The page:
PSU website offers creative outlet
UNIVERSITY PARK — As millions shelter in place at home due to COVID-19, many are turning to art to pass the time, relieve stress or spark joy — either as consumers or artists themselves. Penn State has launched a new project called “Viral Imaginations: COVID-19” to give all Pennsylvanians a venue to display their artistic reflections on the pandemic.
“Viral Imaginations allows people to share their creative expressions on the hardships, illness, loss, grief and healing associated with the COVID-19 pandemic through a forum that’s dedicated to contemplations about this personally and historically defining moment,” said Michele Mekel, assistant director of Penn State’s Bioethics Program and the project’s co-principal investigator.
The publicly accessible Viral Imaginations website includes online galleries of creative writing and visual art. Additionally, the project team said the site will serve as an archive and virtual time capsule to help document the impact of modern pandemics on individuals and communities.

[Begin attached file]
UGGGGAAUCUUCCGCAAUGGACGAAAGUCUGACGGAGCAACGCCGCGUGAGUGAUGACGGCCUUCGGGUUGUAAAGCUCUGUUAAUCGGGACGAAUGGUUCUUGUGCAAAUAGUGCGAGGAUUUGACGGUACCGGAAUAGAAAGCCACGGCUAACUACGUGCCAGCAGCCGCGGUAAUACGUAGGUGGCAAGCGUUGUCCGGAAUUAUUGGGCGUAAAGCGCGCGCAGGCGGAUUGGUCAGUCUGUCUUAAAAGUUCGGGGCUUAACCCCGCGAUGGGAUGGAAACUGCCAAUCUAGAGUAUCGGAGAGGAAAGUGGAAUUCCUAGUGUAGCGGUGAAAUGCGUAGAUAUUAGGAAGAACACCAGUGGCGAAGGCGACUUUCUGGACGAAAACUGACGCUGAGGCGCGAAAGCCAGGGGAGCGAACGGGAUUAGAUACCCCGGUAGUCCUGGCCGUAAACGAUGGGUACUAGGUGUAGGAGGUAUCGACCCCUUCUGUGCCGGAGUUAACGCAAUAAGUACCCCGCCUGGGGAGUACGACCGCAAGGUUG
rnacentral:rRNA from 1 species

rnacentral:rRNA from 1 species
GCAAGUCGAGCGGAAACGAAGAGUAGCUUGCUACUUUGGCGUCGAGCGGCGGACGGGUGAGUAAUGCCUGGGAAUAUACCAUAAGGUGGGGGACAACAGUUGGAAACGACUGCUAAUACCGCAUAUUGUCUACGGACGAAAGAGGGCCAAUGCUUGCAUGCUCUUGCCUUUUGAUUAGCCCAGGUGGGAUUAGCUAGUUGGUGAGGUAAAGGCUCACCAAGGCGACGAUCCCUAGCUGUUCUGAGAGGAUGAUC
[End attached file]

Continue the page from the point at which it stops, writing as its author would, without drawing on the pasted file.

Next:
“The Spanish Flu pandemic of 1918 was largely forgotten until a historian brought renewed attention to it in the late 1980s,” said Bernice Hausman, chair of the Department of Humanities at Penn State College of Medicine. “Now we search for materials to understand that experience. In creating ‘Viral Imaginations: COVID-19,’ we are trying to create an archive of our present pandemic so that future students of history will have creative responses to it that have been collected as the pandemic unfolded.”
Mekel said current or former Pennsylvania residents — including students — can submit both visual and written artworks created in response to their lived experience of the coronavirus pandemic, via the Viral Imaginations submission form. Artists can provide their name and biographical information or stay anonymous. Current featured artworks include paintings, photographs, jewelry and poetry.
“Viral Imaginations: COVID-19” is a collaboration of multiple Penn State programs, colleges and departments.
It is funded by a grant from the Huck Institutes of the Life Sciences.